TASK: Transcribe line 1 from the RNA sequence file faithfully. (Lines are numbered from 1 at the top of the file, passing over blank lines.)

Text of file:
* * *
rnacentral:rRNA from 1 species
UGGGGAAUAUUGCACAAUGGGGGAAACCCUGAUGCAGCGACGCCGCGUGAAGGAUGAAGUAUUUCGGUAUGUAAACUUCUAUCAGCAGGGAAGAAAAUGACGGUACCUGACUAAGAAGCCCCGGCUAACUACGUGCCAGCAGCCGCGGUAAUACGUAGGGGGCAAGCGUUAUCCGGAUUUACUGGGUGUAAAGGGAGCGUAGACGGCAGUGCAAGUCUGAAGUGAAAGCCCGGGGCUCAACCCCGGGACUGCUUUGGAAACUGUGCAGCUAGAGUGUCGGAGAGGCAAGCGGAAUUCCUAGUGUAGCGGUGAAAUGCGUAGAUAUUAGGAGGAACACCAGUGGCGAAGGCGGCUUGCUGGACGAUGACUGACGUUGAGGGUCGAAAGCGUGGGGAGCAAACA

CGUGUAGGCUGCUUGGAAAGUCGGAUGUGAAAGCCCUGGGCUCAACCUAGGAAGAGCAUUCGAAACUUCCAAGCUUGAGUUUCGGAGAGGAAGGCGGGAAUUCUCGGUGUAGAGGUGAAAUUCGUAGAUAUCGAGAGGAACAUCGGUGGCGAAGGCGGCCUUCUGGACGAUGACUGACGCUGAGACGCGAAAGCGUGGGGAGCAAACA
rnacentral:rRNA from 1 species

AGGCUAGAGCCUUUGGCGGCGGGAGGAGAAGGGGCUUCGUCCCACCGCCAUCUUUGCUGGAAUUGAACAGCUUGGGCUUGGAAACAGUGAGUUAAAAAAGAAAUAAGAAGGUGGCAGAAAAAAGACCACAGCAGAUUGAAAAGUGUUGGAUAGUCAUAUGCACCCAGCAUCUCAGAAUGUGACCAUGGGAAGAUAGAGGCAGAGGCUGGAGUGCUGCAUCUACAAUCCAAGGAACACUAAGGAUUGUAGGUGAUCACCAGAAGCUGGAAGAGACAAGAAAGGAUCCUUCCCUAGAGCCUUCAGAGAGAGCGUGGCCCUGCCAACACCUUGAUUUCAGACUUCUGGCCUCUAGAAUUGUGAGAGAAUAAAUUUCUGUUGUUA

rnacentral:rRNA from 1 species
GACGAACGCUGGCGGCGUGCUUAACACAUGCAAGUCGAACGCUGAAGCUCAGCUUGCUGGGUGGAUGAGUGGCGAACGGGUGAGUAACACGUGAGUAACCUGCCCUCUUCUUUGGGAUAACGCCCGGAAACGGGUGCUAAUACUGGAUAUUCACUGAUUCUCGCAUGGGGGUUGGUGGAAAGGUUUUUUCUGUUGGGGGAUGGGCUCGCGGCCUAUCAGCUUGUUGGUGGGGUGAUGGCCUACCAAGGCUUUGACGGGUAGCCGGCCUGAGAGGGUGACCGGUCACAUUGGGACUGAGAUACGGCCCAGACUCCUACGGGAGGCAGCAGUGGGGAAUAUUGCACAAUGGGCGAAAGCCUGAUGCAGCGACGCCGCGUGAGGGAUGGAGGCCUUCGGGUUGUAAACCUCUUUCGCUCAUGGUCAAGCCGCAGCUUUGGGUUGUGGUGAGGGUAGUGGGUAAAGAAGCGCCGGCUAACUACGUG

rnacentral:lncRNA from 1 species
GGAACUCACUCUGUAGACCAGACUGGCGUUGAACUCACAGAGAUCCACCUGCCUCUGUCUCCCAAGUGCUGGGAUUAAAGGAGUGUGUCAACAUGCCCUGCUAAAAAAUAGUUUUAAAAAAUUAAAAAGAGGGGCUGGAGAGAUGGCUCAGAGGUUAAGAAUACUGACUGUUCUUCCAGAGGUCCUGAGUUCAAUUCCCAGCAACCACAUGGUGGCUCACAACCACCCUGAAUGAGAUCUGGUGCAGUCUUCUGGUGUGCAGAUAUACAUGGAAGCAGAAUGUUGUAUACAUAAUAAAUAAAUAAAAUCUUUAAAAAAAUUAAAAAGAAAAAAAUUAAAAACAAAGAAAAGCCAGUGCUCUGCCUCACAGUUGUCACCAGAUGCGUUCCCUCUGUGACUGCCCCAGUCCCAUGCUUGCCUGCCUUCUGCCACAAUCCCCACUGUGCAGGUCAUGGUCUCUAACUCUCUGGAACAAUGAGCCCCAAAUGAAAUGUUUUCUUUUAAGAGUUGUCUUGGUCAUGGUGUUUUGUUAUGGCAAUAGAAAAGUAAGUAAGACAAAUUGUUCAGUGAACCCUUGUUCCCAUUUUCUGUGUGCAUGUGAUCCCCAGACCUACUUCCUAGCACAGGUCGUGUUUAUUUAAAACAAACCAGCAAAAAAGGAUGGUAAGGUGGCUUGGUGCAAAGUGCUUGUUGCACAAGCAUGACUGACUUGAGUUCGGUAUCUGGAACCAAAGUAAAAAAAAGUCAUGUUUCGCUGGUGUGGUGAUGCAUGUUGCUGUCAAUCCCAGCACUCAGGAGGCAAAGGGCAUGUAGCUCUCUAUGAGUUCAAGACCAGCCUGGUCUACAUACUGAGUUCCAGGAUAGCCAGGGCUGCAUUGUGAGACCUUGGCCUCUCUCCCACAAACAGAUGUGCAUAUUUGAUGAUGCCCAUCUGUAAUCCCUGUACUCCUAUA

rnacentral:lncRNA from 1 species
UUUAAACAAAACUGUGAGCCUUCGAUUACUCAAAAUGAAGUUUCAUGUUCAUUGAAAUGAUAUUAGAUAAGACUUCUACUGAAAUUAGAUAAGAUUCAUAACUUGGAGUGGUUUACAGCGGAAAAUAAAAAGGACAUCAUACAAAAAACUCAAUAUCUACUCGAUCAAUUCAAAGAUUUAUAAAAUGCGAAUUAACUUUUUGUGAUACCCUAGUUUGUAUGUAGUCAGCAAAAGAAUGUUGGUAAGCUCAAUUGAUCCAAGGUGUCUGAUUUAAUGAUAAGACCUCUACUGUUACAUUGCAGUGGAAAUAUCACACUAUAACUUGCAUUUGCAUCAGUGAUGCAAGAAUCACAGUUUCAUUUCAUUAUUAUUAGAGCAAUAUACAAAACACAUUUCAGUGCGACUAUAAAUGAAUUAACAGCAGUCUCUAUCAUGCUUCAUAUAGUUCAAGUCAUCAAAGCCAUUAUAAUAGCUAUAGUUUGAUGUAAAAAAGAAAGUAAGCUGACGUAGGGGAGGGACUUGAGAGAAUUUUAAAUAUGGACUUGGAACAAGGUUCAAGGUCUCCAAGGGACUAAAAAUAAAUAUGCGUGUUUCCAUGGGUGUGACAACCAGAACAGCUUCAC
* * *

rnacentral:rRNA from 1 species